Provided certain conditions are satisfied, it enables individuals to achieve a 10% (as opposed to 20%) rate of capital gains tax when some or all of a business is sold, up to a lifetime limit of £10 million.
Calls to scrap ER in its entirety were rejected at the last Budget. However, the Finance Bill 2018/19 introduced changes to the conditions for ER which sought to restrict its availability and during the recent election campaign fresh calls have been made for ER to be abolished. Further reform and review of ER is certainly expected to form part of the Budget on 11 March 2020.
In light of the present uncertainty as to the future of ER, family businesses should be taking a closer look at ER and in particular the tax planning opportunities facilitated by a recent First-tier Tribunal (“FTT”) case.
In order to qualify for ER on the disposal of the whole or part of a business, the business must have been owned by the individual as a sole trader or in partnership throughout the period of two years ending with the date of the disposal.
In order to qualify for ER on the disposal of shares in a company, (i) the company must be the individual’s ‘personal company’ (which requires the individual to hold at least 5% of the ordinary share capital and voting rights and be entitled to at least 5% of either the profit on distribution and assets on a winding up or disposal proceeds if the company is sold) and (ii) the individual must be an officer or employee of the company. Both of these conditions must be satisfied throughout the two years preceding the date of the disposal.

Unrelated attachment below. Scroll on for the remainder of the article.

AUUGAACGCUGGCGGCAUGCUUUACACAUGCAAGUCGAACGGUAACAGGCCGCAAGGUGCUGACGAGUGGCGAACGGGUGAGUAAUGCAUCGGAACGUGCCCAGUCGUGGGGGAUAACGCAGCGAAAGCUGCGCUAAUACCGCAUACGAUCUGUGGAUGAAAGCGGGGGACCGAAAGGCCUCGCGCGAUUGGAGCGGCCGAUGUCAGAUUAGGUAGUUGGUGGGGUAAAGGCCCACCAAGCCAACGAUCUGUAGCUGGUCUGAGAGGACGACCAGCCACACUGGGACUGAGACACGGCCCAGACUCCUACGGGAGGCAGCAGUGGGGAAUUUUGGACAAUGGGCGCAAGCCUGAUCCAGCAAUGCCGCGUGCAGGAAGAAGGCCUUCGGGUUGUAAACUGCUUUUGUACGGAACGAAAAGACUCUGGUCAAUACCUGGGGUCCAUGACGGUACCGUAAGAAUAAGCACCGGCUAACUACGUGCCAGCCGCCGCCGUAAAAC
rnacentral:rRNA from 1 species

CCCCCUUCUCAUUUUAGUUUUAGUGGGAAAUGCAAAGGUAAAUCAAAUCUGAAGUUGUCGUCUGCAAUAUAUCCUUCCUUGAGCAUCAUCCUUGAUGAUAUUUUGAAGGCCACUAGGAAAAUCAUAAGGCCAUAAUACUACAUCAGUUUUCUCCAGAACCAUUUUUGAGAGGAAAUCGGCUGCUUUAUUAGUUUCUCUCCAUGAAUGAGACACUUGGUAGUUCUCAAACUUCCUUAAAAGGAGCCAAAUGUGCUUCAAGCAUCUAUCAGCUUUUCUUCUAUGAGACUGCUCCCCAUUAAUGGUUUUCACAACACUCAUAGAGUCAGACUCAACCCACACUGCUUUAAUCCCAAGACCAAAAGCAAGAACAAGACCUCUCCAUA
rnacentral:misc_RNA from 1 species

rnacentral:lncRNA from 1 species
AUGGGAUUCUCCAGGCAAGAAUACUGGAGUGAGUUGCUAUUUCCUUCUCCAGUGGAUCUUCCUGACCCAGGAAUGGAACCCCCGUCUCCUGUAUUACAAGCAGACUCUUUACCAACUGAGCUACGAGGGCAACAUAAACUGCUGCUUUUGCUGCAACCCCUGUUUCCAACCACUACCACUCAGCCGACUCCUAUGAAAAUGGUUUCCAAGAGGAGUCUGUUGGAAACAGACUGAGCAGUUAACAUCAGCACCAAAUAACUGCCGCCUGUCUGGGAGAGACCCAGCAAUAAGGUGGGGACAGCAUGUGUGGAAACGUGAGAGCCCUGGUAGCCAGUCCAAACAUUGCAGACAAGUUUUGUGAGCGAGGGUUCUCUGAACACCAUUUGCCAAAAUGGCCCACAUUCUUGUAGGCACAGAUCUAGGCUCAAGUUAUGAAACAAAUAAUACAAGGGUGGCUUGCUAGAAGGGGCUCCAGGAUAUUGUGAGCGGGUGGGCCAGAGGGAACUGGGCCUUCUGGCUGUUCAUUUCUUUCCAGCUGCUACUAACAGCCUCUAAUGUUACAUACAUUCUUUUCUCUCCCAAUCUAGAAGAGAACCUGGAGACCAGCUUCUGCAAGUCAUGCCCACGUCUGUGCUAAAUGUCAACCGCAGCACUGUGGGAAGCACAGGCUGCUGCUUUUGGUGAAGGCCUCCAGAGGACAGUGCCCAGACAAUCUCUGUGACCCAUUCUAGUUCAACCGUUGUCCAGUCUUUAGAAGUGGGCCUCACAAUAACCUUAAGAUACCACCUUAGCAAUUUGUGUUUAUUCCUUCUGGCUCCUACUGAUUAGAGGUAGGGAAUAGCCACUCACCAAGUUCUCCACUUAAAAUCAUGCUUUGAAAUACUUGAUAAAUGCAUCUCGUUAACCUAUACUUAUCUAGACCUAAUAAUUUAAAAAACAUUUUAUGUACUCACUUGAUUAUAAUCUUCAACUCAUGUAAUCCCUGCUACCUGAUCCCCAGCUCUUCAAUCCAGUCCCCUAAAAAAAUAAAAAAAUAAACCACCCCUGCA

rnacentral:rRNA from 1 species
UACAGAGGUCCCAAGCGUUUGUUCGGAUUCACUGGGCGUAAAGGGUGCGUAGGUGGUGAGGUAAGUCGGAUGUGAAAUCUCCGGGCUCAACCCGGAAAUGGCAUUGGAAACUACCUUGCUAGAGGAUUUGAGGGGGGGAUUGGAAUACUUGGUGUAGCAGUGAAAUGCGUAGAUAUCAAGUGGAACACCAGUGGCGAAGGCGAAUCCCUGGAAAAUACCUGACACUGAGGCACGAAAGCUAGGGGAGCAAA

It is also possible for trustees to claim ER on the disposal of trust business assets. The following requirements must be established before ER can be claimed on the disposal of trust business assets:
Firstly, the trustees must dispose of ‘settlement business assets’. These are assets which form part of the settled property of the settlement and consist of shares of a company or assets that have been used for the purpose of a business.
Secondly, the individual concerned must be a ‘qualifying beneficiary’ of the settlement. HMRC’s guidance states that a ‘qualifying beneficiary’ is an individual who throughout the two year period ending with the date of the disposal has an interest in possession in the settled property. However, the FTT in the recent case of Quentin Skinner 2005 Settlement L and others v HMRC  UKFTT 516 (TC)) has confirmed that an individual only needs to satisfy that they are a ‘qualifying beneficiary’ at the time of the disposal.
Thirdly, the basic qualifying conditions detailed above which establish the ‘entrepreneurial connection’ between the beneficiary of the settlement and the relevant company must be satisfied throughout the two years ending with the date of the disposal.
Skinner is a welcomed decision and confirms that there are tax planning opportunities for family businesses seeking to utilise each member’s £10m lifetime limit for ER purposes on a sale.
For further advice on ER and other tax planning opportunities for your family business, please contact Sarah Illidge on 0113 228 3277 or email@example.com.
Please note this information is provided by way of example and may not be complete and is certainly not intended to constitute legal advice. You should take bespoke advice for your circumstances.